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Robinhood Saw Its Biggest Crypto Influx in the Past Two Days: CEO

Robinhood Markets Inc has seen its largest crypto influx in the past two days, CEO Vlad Tenev said in a Twitter thread on Thursday.

Robinhood Markets Inc has seen its largest crypto influx in the past two days, Chief Executive Officer Vlad Tenev said in a Twitter thread on Thursday, even as the market was rocked by the saga involving FTX.

FTX seeks $9.4 billion in bailout funds from investors, rivals -source

(Reuters) – FTX is struggling to raise about $9.4 billion from investors and rivals, a source said Thursday, as Chief Executive Sam Bankman-Fried urgently tries to bail out the cryptocurrency exchange that has been ravaged by a torrent of withdrawals from customers.

In the past few hours, Bankman-Fried has talked about raising $1 billion each from Justin Sun, the founder of crypto token Tron, rival exchange OKC and stablecoin platform Tether, according to the source who has direct knowledge of the matter.

He is seeking the rest of other funds, including current investors in FTX such as the venture capital fund Sequoia Capital, the source added. One of the investors in talks with FTX is Daniel Loeb’s hedge fund, Third Point, according to the source.

Bankman-Fried has said in tweets and a memo to employees seen by Reuters that he was in talks with “a number of players” in the crypto sector, including Sun, after a possible bailout deal with bigger rival Binance fell apart. But he added in the memo that he “didn’t want to imply anything about the odds of success”.

Bankman-Fried also said his trading company Alameda Research, which sources said was partly behind FTX’s problems, was winding down trading.

It was not clear whether Bankman-Fried will be able to raise the necessary funds.

Earlier on Thursday, OKX told Reuters it had been approached earlier in the week by Bankman-Fried, who described $7 billion in debt that needed to be covered quickly.

“That was too much for us,” Lennix Lai, director of financial markets at OKX, told Reuters.

FTX, Sun, OKX, Sequoia Third Point did not immediately respond to requests for comment on the latest news of the talks.

FTX’s predicament marks a stunning demise for the 30-year-old crypto executive who was once worth nearly $17 billion, but in a matter of days changed from his status as an industry savior to the one to be rescued.

The troubles at FTX, one of the world’s largest crypto exchanges, have led to a wider crisis of confidence in cryptocurrencies, with bitcoin dropping below $16,000 overnight for the first time since late 2020.

However, a surge in the broader market, following better-than-expected inflation data from the US, also boosted cryptocurrencies. FTX’s native token, FTT, rose nearly 140% to $3.61 in afternoon trading, but fell more than 80% for the week. Bitcoin traded at $17,563, up more than 10.5%. Tron’s Sun said in a tweet on Thursday that “we are putting together a solution with #FTX to initiate a way forward,” without giving further details. Sun did not respond to a request for comment.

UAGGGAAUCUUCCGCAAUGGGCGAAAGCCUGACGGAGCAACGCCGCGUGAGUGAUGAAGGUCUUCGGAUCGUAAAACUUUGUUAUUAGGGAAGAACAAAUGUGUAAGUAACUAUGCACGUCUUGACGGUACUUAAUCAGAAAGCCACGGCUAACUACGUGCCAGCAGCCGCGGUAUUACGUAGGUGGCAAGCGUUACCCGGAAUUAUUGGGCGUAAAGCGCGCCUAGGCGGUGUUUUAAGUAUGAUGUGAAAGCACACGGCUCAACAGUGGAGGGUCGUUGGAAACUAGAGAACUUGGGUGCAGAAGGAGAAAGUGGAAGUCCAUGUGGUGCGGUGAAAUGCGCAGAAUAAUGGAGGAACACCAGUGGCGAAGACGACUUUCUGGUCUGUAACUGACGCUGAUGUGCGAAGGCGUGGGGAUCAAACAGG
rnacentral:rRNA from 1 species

A notice on the FTX website said it was no longer processing withdrawals or accepting new users. But Coindesk later quoted analytics firm Nansen to report that FTX had reopened withdrawals.

Bankman-Fried said FTX.US, the exchange’s US operations, were not financially affected.

TO COLLECT MONEY

The seeds of FTX’s demise were sown months earlier, in mistakes made by Bankman-Fried after he intervened to save other crypto firms, sources said.

Sources told Reuters that FTX transferred at least $4 billion to Alameda, including some deposits from customers, to support the trading company after a series of losses.

Bankman-Fried told investors that Alameda owes FTX about $10 billion, the Wall Street Journal reported. FTX had loaned more than half of its client funds to Alameda, the paper said.

According to a source familiar with the investigation, US securities regulator FTX.com is investigating its handling of client funds and crypto lending activities.

Reuters could not figure out what specific activities were the focus of the probe.

Users rushed to withdraw $6 billion worth of crypto tokens from FTX within days after a news story earlier this month raised questions about Alameda’s balance sheet and Binance CEO Changpeng “CZ” Zhao tweeted that his company is holding its entire stake in FTT would sell, giving holders discounts on FTX trading fees. The outflow caused a liquidity crisis at FTX.

contagion risks

Some investors wrote off money plowed into FTX. Sequoia recorded a $150 million exposure to zero on Wednesday. Canada’s Ontario Teachers Pension Plan, Tiger Global and Japan’s Softbank are also FTX investors.

A focus among investors is the unknown magnitude of customer losses and the blow to sentiment from the latest and possibly biggest collapse in an industry that has turned into an investor minefield.

Crypto asset manager Coinshares said it has a total exposure of $30.3 million to FTX.

Broker Robinhood said it has no direct exposure to FTX, but Bankman-Fried has a stake in the company and its shares fell heavily on Tuesday and Wednesday.

“A top exchange failed — that’s on another level,” said Danny Chong, CEO of decentralized financial firm Tranchess, with potentially broader ramifications than the failures of stablecoin TerraUSD and crypto hedge fund Three Arrows Capital this year.

Bankman-Fried, who is from California but lives in the Bahamas, where FTX is based, said the company would take a “hard look” at the board. “I won’t be there if I’m not wanted,” he wrote in a tweet thread.

He also repeatedly apologized in his tweets and memo. “I’m sorry. That’s the most important thing,” he tweeted.

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